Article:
Tanfield Chambers in Privy Council hearing

  • Date: 26 Jun, 2015
  • In: News
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Tanfield Chambers in Privy Council hearing

On 25 June 2015 the Judicial Committee of the Privy Council heard an appeal from the Bahamas Court of Appeal in a dispute concerning the management of a condominium in Grand Bahama: Metaxides v Swart & Others JCPC 2013/0062; Silver Point Condominium Association v same JCPC 2013/0073. Chris Maynard led Edwin Knowles, of Sessions House Chambers, Freeport, Grand Bahama, for the first appellant, Apollon Metaxides. The Board, comprising Lords Neuberger, Clarke, Carnwath, Toulson and Hodge, has reserved judgment.

The principal question was whether a compromise of earlier proceedings was a nullity because those proceedings had been brought against a non-existent defendant.

In 1968 a Bahamas company called Silver Point Limited made a Declaration of Condominium in respect of a parcel of land over just over 3 acres next to the sea on the south side of the island of Grand Bahama. This included a striking, newly constructed apartment block in the modernist style designed by a celebrated Florida architect called Robert Swartzberg. The declaration established a corporate body, to be known as Silver Point Condominium Apartments, made up of all the owners of the units within the property, in which the management of the condominium was vested.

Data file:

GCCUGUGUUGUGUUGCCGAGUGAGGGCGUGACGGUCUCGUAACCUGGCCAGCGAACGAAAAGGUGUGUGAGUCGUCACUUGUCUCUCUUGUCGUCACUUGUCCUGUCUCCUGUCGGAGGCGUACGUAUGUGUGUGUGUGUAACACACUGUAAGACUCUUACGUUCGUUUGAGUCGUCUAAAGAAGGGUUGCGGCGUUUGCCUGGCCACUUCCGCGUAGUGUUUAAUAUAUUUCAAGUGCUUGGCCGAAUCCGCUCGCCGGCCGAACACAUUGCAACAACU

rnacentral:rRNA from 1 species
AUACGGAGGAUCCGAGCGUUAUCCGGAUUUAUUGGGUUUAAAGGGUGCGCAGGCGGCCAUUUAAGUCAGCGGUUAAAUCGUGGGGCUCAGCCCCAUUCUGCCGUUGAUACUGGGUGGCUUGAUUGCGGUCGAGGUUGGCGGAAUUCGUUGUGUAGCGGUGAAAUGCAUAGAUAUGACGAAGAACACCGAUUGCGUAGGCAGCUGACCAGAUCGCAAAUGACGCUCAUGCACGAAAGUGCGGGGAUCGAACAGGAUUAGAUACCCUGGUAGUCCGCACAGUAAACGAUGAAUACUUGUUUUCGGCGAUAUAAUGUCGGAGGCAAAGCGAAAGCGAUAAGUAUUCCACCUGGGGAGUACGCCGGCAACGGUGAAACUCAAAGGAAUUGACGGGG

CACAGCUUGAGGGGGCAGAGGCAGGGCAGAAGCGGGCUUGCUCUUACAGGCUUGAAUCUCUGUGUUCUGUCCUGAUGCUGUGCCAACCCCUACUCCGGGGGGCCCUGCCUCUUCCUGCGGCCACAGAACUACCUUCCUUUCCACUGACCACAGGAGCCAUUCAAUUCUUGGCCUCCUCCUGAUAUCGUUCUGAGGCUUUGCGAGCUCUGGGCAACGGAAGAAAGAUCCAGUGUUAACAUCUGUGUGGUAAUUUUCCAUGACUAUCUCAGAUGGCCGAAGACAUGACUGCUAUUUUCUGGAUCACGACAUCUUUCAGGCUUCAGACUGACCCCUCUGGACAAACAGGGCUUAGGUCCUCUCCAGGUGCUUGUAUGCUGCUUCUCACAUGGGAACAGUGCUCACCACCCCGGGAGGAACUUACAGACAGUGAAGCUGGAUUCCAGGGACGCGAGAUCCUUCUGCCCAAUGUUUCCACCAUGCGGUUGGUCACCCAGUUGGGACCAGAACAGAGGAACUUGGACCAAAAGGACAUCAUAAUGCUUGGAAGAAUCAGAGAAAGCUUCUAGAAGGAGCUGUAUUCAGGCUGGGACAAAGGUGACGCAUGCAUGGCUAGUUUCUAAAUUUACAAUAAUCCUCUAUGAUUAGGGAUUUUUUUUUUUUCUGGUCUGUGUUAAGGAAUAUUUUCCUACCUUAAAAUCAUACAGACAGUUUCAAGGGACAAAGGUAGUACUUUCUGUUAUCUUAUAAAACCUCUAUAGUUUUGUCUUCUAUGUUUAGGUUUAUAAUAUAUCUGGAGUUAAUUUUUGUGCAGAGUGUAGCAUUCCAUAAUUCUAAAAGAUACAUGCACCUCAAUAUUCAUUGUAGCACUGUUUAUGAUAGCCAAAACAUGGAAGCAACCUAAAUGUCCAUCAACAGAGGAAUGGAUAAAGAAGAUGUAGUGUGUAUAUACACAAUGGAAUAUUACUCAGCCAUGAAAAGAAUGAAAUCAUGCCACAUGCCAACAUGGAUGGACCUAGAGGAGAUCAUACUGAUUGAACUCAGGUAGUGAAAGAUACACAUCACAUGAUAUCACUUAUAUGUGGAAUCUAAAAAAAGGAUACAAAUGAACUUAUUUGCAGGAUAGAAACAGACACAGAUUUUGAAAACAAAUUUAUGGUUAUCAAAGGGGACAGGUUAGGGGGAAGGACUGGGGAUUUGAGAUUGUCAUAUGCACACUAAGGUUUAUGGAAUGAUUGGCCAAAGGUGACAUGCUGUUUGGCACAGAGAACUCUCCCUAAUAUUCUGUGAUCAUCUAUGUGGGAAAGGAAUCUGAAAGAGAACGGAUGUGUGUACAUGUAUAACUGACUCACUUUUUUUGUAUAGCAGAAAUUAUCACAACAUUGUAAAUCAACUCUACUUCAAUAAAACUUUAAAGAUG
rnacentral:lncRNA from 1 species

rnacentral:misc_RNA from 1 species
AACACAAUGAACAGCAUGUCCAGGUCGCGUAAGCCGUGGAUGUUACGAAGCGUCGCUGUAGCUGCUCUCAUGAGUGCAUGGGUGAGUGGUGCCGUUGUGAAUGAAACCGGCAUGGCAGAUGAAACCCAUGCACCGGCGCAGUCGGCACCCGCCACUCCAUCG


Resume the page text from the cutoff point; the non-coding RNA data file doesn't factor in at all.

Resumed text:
In 2006 a group of owners of units within the condominium commenced proceedings in the Supreme Court of the Bahamas to resolve issues in a long-running disagreement between different factions within the corporate body about the management of the condominium. Mr Metaxides was the lead plaintiff. In the short title of the Originating Summons the defendant was called “Silver Point Limited”. An Amended Originating Summons was filed three days later in which the name of the defendant in the short title appeared as “Silver Point Limited (Silver Point Condominium Apartments)”. By its board of directors, the corporate body defended the proceedings and negotiated the compromise with the plaintiff owners.

Some owners of units objected strongly to the compromise. In 2010 a group of them started fresh proceedings in an attempt to have the compromise agreement and the consent order set aside. Amongst other things, they argued that because Silver Point Limited no longer existed at the time 2006 proceedings commenced (that company having been struck off in 1996) those proceedings were void from the outset and all orders made within them were nullities. That argument failed at first instance but it succeeded in the Bahamas Court of Appeal, which refused leave to Mr Metaxides for a further appeal.

In 2013 Chris Maynard settled an application to the Privy Council for permission to appeal, which was granted on paper. The argument on the appeal was that, upon their true construction, even if there had been mistake of nomenclature, the 2006 proceedings plainly had been commenced against the corporate body established by the 1968 declaration.

In the meantime, the respondents, who had been successful below, launched proceedings for assessment and for enforcement of the costs orders made in the Bahamas Court of Appeal. Chris Maynard has also advised in relation to the assessment proceedings (which led to the opponents’ bill of costs being reduced by more than 60%), and in relation to resisting seizure of the client’s apartment by way of enforcement of the remaining costs liability.